You may know the Spencer S. Eccles Health Sciences Library (EHSL) best as the digital library—or the library without books. Though it’s true that we emphasize digital information to be able to provide the easiest access to up to date information for the students, staff, faculty, and health care professionals in our clinics and hospitals, we also have a well-kept secret: the only history of medicine collection in Utah.
We’ve recently been approved for registration in the National Library of Medicine’s Directory of History of Medicine Collections, and we’re excited to publicly join the other three libraries in the Intermountain West states with special collections in this area.
Our physical collections cover a range of topics in the history of the health sciences. Major donations came to the collection from Dr. Clifford C. Snyder (surgery, plastic surgery, anatomy) and Dr. Marcus Jacobson (developmental neurobiology, anatomy, neurology). We also house a collection of historical pharmaceutical manufacturing devices, a set of hemoglobinometers, historical medical devices and surgical kits, and therapeutics. In addition, EHSL houses several historical neuro-ophthalmology collections, including a collection of Dr. Irene Loewenfeld’s annotated index of all the literature written on the pupil.Though the physical collections have not grown significantly in many years, we are now actively seeking donors to grow this collection into an even better resource for Utah.
The historical collections at EHSL are not limited to documents and devices. A massive collection of photos from the 1940’s to present day are slowly being digitized by our staff, and made publicly available through the History of the Health Sciences digital collection.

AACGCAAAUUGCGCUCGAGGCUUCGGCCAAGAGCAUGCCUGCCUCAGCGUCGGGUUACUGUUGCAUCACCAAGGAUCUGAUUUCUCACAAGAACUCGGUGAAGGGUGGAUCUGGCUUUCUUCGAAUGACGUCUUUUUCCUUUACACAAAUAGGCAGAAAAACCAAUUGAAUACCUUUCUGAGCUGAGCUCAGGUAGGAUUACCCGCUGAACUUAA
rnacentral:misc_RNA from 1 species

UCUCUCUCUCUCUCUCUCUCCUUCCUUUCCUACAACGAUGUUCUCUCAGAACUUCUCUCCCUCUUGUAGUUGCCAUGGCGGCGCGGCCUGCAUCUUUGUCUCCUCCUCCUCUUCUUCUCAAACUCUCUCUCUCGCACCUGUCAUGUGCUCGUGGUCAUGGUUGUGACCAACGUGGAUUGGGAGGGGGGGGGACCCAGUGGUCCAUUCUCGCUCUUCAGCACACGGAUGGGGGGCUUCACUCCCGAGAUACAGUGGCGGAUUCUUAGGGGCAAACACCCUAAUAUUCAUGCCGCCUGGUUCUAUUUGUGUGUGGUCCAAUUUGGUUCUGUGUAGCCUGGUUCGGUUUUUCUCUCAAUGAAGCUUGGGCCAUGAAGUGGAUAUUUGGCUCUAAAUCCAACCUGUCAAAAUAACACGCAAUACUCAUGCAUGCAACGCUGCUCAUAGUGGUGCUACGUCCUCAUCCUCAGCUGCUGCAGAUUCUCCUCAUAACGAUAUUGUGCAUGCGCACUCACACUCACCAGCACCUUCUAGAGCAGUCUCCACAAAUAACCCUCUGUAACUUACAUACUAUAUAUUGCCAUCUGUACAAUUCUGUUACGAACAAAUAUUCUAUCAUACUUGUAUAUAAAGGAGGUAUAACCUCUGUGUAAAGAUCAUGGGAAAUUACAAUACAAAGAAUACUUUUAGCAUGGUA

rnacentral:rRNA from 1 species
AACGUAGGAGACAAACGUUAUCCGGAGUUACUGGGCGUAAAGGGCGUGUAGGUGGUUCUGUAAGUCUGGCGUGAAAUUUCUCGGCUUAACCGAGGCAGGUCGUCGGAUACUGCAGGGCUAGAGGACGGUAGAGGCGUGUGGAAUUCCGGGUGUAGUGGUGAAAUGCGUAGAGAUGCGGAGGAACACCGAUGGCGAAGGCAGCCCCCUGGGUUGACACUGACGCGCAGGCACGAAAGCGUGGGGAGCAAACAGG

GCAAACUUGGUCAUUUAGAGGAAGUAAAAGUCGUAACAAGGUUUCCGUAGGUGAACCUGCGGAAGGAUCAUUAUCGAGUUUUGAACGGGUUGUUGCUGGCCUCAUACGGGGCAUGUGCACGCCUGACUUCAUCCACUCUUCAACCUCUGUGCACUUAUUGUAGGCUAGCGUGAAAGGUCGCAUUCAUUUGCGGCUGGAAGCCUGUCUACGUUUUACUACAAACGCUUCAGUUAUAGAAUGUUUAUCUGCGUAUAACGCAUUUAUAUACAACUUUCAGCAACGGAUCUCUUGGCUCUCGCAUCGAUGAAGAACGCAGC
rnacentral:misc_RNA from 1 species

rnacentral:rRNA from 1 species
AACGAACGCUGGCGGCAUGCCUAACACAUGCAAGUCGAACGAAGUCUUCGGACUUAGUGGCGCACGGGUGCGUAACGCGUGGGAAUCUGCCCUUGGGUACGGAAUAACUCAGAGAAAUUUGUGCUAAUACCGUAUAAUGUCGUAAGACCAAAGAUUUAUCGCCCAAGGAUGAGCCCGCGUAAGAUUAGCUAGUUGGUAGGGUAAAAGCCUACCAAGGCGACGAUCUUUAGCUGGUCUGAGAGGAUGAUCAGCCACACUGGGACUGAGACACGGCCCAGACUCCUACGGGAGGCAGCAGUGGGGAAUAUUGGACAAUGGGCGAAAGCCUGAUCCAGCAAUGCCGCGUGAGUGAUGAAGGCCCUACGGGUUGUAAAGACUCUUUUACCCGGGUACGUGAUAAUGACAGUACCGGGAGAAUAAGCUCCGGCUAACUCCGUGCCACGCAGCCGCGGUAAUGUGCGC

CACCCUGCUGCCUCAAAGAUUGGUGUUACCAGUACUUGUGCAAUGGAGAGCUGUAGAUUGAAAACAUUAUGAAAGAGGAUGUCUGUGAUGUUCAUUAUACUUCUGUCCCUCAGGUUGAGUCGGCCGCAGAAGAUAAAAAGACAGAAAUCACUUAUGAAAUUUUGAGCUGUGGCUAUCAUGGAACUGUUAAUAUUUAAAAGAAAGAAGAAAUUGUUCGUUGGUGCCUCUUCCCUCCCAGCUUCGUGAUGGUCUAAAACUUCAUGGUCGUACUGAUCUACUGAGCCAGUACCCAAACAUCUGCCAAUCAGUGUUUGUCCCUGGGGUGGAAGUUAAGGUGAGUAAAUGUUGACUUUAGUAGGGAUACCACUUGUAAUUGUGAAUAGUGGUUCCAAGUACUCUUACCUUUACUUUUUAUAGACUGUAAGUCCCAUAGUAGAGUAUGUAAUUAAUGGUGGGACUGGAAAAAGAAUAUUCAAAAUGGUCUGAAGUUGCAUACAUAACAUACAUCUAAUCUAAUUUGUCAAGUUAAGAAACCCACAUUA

We also have a fantastic collection of publications from the Health Sciences Campus that makes finding historical information easy. These include:
Recently, EHSL faculty and staff have been helping our Health Sciences Campus colleagues celebrate their milestones. For the 50th Anniversary of the Biomedical Informatics Department, EHSL produced an historical timeline for the Department, video memories, and article about the event. In celebration of the School of Medicine’s 50th Anniversary of the 521 Building, EHSL faculty and staff put together an exhibit for the Alumni Association banquet, contributed to the creation of the How the West Won Medicine commemorative book, and found unique images to highlight and feature on videos and banners for the event. We’ve also help dig up treasures, facts, and stories for and from other areas on campus. One treasure? A film, “The Making of a Doctor,” from the School of Medicine circa 1958 was donated to the library by Dr. Hilmon Castle. Watch it on the EHSL YouTube channel!
If you are interested in exploring more about the history of the health sciences, here are some great resources for you:
- IndexCat: Before PubMed and MEDLINE, there was the Index-Catalogue of the Library of the Surgeon-General’s Office. It was produced from 1880-1961, and it is available now in digital form. There are no abstracts, but it’s a great way to track down historical references. Index Medicus, which began contemporaneously with the Index-Catalogue, served as a supplement to the Index-Catalogue through 1926, when it ceased publication until 1960.
- NLM’s History of Medicine Division: The History of Medicine Division is responsible for a number of wonderful resources (including IndexCat). A few other favorites are:
- Doctors of BC Medical Museum: Contains images of historical medical devices
- Jeghers Medical Index: Over a million full text articles curated by Harold J. Jeghers, M.D (of the Peutz-Jeghers Syndrome).
- David J Cencer CDC Museum: Online collection related to the history of the CDC
- Eugenics Archive: Includes a database, film and images, stories from survivors, and more.
- Alpha Omega Alpha Leaders in Medicine: Contains video oral histories of many of medicine’s greats, including Utah’s Dr. Maxwell Wintrobe.
- Historical Dietary Guidance Digital Collection
- Museum of Historical Medical Artifacts
by: Melissa Rethlefsen, Deputy Director